I understand that - I was specifically responding to Blueboar's claim that Vice mis-characterized the headline - they didn't. Headlines shouldn't be cited, but it's worth noting that the "editorial process" appears to have made the article less factual, rather than more factual. I don't believe the DC has been caught red-handed in the process of fabricating a quote (is that the consensus standard?) but they've got a long history of "reckless disregard" sins against journalism: Charles Johnson's claim about David Kirkpatrick were based an obviously satirical source - and the DC's "corrected version" only half-assedly says the claim "appears to be a fabrication". The discussion of DC's work in this report, especially the article discussed on page 120, seems to indicate that it the outlet is actually involved in creating fake news, rather than just passing it along. I'm dubious about the usefulness of deprecation all together, but I have a hard time imagining any scenario where we would consider them trustworthy for anything of note. Nblund talk 23:30, 10 January 2019 (UTC)
My primary concern here, in the wake of the 2017 Daily Mail RFC, is that we have editors jumping to want to blacklist (spam filter) sites that should absolutely be treated as unreliable sources in cases of BLP or contested topics, but where they still may have some, possibly yet identified, utility for other features, such as being a fair RSOPINION source. DM was blacklisted because of clear evidence showing they were altering opinion pieces, eliminating even RSOPINION uses, but since then, I've seen people use the same logic that because a site is on the blacklist that RSOPINION can never apply and strip these sources out when they are only being used for RSOPINION (eg like Breitbart). Identifying DC as a highly unreliable source per Option 3 seems like a no brainer, but before we take Option 4, making sure that is fully justified if they are truly fabricating material to make it wholly unusual to blacklist them for all of WP. --Masem (t) 23:37, 10 January 2019 (UTC)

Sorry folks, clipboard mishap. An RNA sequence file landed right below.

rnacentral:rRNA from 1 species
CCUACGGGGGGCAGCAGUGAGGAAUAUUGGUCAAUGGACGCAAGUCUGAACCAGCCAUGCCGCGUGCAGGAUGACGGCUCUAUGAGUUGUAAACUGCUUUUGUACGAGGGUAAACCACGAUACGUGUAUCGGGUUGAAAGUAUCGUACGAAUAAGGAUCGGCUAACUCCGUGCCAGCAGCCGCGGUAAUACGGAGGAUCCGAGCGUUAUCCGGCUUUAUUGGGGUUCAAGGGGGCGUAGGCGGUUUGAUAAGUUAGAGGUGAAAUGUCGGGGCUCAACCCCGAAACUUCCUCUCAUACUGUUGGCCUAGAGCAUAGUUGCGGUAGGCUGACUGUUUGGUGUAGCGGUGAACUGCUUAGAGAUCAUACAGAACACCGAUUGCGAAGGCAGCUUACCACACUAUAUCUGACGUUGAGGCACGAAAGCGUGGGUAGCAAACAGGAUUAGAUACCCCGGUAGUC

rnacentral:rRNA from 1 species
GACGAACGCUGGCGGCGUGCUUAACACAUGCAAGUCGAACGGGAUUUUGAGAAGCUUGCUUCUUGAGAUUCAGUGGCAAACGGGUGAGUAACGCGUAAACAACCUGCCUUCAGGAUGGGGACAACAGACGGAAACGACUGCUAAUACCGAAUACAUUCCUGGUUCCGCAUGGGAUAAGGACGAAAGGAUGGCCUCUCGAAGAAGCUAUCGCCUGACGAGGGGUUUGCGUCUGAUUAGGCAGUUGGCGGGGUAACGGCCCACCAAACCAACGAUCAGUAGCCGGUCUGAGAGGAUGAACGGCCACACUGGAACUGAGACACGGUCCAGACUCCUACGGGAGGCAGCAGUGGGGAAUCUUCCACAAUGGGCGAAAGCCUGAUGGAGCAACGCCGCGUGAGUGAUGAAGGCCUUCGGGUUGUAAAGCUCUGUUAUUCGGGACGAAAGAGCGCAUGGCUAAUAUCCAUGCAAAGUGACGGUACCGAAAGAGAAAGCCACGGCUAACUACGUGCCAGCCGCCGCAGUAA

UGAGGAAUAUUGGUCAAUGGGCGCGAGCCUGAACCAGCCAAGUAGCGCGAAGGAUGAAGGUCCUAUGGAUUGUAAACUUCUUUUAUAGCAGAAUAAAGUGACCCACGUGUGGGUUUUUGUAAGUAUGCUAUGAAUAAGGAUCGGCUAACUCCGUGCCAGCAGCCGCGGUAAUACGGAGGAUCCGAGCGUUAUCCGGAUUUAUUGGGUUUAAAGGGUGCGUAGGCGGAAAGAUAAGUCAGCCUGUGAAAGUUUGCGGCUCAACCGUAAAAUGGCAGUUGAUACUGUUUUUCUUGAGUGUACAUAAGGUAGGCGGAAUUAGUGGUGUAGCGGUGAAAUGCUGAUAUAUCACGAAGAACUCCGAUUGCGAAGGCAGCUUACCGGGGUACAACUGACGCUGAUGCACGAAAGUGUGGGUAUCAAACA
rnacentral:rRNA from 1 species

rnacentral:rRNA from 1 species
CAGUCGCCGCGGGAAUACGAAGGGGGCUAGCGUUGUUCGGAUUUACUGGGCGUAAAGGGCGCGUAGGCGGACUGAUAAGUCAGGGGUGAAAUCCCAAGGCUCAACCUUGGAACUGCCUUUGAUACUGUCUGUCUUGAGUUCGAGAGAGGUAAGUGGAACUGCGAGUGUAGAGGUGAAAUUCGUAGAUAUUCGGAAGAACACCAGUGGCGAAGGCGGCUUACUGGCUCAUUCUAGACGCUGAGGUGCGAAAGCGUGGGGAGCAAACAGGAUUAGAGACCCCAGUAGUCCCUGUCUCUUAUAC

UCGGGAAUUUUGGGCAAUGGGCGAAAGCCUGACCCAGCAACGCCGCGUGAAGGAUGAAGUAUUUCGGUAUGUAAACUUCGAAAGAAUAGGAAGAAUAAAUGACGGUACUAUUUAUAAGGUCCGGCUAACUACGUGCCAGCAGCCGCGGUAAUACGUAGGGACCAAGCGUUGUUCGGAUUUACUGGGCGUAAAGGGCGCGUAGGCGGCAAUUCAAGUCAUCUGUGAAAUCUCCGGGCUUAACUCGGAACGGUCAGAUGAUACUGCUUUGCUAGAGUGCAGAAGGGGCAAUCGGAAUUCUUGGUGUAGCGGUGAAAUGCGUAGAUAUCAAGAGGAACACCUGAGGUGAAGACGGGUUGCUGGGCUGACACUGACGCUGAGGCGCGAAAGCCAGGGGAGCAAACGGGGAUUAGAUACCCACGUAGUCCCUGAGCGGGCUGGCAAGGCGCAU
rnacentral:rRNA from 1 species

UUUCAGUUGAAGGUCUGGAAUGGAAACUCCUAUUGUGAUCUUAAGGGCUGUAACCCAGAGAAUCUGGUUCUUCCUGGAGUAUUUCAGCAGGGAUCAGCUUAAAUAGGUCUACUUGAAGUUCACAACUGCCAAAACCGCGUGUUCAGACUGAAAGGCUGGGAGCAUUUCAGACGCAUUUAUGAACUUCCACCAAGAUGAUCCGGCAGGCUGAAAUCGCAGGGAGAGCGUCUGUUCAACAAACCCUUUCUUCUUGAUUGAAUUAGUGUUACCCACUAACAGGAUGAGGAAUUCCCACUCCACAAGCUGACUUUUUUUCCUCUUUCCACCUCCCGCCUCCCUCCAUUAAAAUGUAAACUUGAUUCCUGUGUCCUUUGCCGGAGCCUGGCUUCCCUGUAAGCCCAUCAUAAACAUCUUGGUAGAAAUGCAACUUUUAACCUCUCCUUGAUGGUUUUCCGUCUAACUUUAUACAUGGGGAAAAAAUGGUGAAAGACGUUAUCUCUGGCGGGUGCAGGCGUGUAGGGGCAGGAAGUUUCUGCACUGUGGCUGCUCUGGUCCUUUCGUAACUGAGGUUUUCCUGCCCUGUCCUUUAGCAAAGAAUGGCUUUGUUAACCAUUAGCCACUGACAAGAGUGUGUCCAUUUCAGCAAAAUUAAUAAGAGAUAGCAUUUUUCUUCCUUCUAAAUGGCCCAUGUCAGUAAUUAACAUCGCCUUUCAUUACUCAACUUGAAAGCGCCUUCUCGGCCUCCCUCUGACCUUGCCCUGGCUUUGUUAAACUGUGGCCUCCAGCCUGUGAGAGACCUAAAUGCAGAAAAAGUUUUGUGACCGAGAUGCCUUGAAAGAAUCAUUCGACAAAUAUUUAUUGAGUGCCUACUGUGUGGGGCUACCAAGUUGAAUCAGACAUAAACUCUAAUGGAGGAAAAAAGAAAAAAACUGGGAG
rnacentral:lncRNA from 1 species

• For the sake of getting some third party criticism of the DC in here... The Columbia Journalism Review has written about it several times. In several places it notes how The DC tries to take itself seriously and talks up its own journalistic integrity/rigor, but CJR tends to undercut that kind of claim (my sense is it CJR might be a little more forgiving if not for this). Some of CJR's critical quotes: